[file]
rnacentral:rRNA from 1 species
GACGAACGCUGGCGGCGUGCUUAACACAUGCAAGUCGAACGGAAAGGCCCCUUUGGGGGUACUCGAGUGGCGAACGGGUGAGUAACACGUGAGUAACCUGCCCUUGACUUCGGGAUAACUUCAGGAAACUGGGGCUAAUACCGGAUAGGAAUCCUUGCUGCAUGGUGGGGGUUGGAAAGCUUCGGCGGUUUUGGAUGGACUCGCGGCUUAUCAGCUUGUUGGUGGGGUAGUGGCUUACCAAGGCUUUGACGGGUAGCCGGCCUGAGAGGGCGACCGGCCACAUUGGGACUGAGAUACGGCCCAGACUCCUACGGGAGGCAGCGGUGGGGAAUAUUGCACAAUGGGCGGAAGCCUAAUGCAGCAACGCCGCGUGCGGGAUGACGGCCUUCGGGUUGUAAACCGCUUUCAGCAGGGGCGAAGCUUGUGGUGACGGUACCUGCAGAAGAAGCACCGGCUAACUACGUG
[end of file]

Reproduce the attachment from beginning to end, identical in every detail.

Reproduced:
rnacentral:rRNA from 1 species
GACGAACGCUGGCGGCGUGCUUAACACAUGCAAGUCGAACGGAAAGGCCCCUUUGGGGGUACUCGAGUGGCGAACGGGUGAGUAACACGUGAGUAACCUGCCCUUGACUUCGGGAUAACUUCAGGAAACUGGGGCUAAUACCGGAUAGGAAUCCUUGCUGCAUGGUGGGGGUUGGAAAGCUUCGGCGGUUUUGGAUGGACUCGCGGCUUAUCAGCUUGUUGGUGGGGUAGUGGCUUACCAAGGCUUUGACGGGUAGCCGGCCUGAGAGGGCGACCGGCCACAUUGGGACUGAGAUACGGCCCAGACUCCUACGGGAGGCAGCGGUGGGGAAUAUUGCACAAUGGGCGGAAGCCUAAUGCAGCAACGCCGCGUGCGGGAUGACGGCCUUCGGGUUGUAAACCGCUUUCAGCAGGGGCGAAGCUUGUGGUGACGGUACCUGCAGAAGAAGCACCGGCUAACUACGUG